Obama: "There is a great concern about the 8 million jobs that we lost in the course of this last two years." (There certainly is great concern - but not, as far as I can tell, in the White House or the Democratic leadership.) Anne helps him elaborate: "We are so concerned, in fact, that we've decided to cut the immediate safety net of extended unemployment benefits and the COBRA insurance subsidy, and are hard at work on ways to cut the long-term safety nets of Social Security, Medicare and Medicaid. Here's our thinking on this: if you're not working, either because there are no jobs for you, you're old, or you're sick or disabled, we just can't afford to keep you around. And the best way to speed up your demise is not to prolong your - and our - agony, but to just cut you off from as many sources of survival as possible, as quickly as possible."

Check out this YouTube video of this excerpt from Gerald McEntee's keynote address at the AFSCME convention in Boston, which Digby says was, "a real barn burner". She also posted on the astonishing Villager liberalism of Jonathan Alter, and on the state of play last night for the war supplemental. Needless to say, this bites.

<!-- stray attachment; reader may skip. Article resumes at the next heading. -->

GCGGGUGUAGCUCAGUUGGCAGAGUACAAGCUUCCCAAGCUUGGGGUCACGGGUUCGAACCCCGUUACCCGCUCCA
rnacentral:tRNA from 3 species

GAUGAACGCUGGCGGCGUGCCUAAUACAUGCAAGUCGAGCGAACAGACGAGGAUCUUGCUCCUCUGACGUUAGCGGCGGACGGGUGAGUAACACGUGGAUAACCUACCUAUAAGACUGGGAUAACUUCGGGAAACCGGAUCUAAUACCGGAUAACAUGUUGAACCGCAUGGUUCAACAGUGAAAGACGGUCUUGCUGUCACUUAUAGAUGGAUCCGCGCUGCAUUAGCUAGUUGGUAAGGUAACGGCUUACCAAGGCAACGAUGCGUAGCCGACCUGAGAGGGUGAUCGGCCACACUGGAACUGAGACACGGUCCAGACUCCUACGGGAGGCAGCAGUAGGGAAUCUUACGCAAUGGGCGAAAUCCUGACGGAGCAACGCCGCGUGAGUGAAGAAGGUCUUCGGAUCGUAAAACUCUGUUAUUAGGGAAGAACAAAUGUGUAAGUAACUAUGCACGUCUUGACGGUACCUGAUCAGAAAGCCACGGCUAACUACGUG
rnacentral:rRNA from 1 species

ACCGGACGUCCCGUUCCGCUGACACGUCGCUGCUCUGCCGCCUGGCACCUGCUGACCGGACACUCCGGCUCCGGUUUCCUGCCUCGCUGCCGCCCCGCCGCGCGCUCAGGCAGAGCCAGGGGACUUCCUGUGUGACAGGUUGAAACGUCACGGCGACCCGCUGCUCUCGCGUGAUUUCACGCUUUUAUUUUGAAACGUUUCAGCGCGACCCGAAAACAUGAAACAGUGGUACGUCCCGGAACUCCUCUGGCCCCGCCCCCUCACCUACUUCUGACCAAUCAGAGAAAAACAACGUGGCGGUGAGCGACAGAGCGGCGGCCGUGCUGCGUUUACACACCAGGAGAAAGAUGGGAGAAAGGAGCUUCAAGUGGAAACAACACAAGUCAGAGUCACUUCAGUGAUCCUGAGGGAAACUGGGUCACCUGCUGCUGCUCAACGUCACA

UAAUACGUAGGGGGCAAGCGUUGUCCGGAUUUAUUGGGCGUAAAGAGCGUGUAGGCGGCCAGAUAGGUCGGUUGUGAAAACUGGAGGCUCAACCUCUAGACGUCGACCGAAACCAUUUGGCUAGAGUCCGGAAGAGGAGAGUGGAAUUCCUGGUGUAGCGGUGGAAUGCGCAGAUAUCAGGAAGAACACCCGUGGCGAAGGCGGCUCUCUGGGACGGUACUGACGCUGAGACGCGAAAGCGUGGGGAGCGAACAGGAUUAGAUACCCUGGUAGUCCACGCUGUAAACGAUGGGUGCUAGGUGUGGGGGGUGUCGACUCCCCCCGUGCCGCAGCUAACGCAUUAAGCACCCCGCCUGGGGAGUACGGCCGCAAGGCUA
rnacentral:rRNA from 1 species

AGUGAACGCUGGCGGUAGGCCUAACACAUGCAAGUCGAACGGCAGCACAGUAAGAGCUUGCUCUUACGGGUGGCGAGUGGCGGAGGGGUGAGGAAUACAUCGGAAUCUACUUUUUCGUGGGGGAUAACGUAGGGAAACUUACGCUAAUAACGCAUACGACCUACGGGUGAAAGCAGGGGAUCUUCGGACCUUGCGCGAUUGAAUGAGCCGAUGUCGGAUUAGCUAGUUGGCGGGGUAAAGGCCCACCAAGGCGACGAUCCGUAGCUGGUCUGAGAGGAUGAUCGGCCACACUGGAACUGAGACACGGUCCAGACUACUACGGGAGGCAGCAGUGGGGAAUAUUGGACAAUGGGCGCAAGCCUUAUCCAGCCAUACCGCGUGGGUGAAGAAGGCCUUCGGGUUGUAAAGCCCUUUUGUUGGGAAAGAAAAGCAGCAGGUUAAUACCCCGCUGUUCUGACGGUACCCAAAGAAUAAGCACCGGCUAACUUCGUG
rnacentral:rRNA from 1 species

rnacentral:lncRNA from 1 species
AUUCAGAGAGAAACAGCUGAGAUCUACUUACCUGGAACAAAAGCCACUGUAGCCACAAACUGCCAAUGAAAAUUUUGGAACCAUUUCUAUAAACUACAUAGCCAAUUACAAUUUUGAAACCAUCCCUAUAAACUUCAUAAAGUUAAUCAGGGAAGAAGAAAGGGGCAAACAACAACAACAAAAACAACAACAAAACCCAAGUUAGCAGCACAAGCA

But smart people can get all carried away with what should be no more than a back-room joke - uttered guiltily, for that matter. When everyone gets together to attack a public figure for saying something wrong, I really wish everyone would stop and examine what they actually said before jumping on the bandwagon. You know, like when Jimmy Carter pushed for solar power and energy independence, it was a bad idea to jump on the bandwagon to deride him for a word he didn't even say. In a more recent example, a public figure stands up and says things like, "Government can and must play an appropriate oversight role. Such oversight is in the best [interest] of our nation and the public and industry, because the only way the public will trust industry to develop our resources is if they can prove that they can do it safely, ethically, responsibly. ... So how dare BP put the Gulf victims through such a thing? We have to make sure that BP will not do this, will not do what Exxon did to Alaskans all those years ago." And how do we respond? We make fun of her. Bob Somerby reports.